Sand and Soil
Soil is the most important part of any landscape. It is what all man-made structures are built on and the medium that nearly all our plants and food grows in. Soil type, depth, structure, pH, nutrient levels and topography have a significant influence on the design of all our landscape and garden areas.
Soil is as diverse as each suburb, region, state and country of the Earths’ surface. It even has its own dedicated science.”Soil science has two main branches of study: Edaphology and Pedology (from Greek: pedon, “soil”; and logos, “study”). Pedology is focused on the formation, morphology, and classification of soils in their natural environment; whereas Edaphology is concerned with the influence of soils on organisms.”
In this post I hope to shed some light on the basic soil structures that you may find in your own backyard on the Central Coast NSW.
Soils are comprised of mineral particles of three primary sizes, these are sand, silt and clay. The soil types can be found on their own, or in a conglomeration such as loam.
Below is a table showing the basic properties of each soil type:
Clay: Clay is made up of super fine particles that clump together readily. Many people portray clay soils as the enemy, as they compact easily, drain poorly and are hard to dig. While in fact they have great benefits in their ability to store moisture and nutrients for plants.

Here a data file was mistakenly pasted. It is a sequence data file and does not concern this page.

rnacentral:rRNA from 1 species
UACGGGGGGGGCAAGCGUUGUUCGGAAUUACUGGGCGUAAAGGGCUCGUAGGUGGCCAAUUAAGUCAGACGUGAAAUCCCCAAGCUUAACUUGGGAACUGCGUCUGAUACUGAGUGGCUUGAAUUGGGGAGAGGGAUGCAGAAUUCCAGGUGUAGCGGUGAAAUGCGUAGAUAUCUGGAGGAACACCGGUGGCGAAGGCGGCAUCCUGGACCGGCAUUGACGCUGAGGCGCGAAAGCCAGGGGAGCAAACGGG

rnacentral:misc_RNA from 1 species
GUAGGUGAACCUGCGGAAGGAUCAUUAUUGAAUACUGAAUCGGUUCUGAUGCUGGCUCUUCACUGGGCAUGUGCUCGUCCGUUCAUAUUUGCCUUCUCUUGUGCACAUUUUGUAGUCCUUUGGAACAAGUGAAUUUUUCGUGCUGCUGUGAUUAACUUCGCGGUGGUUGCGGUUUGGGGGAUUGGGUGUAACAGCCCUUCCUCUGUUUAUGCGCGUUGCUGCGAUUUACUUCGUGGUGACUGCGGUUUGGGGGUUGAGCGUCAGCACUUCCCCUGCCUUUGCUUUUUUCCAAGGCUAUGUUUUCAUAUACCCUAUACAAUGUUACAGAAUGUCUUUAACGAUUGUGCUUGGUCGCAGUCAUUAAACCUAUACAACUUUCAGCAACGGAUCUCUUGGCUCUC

Sand: Sand is quite the opposite of clay, it is comprised of larger coarser minerals, does not compact, and drains extremely well. However, sandy soils are easily leeched of any nutrients and organic matter. The Gosford region is dominated by Hawkesbury Sandstone, these rocky sandstone outcrops of the Central Coast are the parent material that give rise to the sand content of our local soils. The exception being sand along the coastal fringes which is derived from the ocean and sand dunes.
Silt: Silt is the middle offspring of the Earth, with size characteristics and properties lying between sand and clay.
Loam: Loam is a mixture of equal parts sand, silt and clay particles. Variations in the ratios give us sandy loam, silty loam, clay loam, sandy clay loam and silty clay loam. Loams are generally the best type of soil for growing plants as they can have the nutrient and moisture holding ability of clay along with the good draining properties of sand.
Organic matter: Organic matter, humus and living organisms also play an important role in soil structure in terms of determining aeration, water and nutrient flow within the soil. Organic matter provides the energy and nutrients to keep the soil alive, providing food for, bacteria, fungi, plants and animals.
We are lucky that we can create our own environments and use great landscape and garden products to benefit our lives:
Organic Compost: Use this to improve soil structure and nutrients.
Mulch: Protects our soil against erosion and moisture loss.
Soil mixes: Used to create new garden beds for our leisure and pleasure.
If you want to have a beautiful garden, you need to have healthy soil. We are able to offer basic soil analysis and pH test, so we can determine the right product is supplied for your particular garden needs. For more information please contact us by CLICKING HERE or phone us on: 0402418017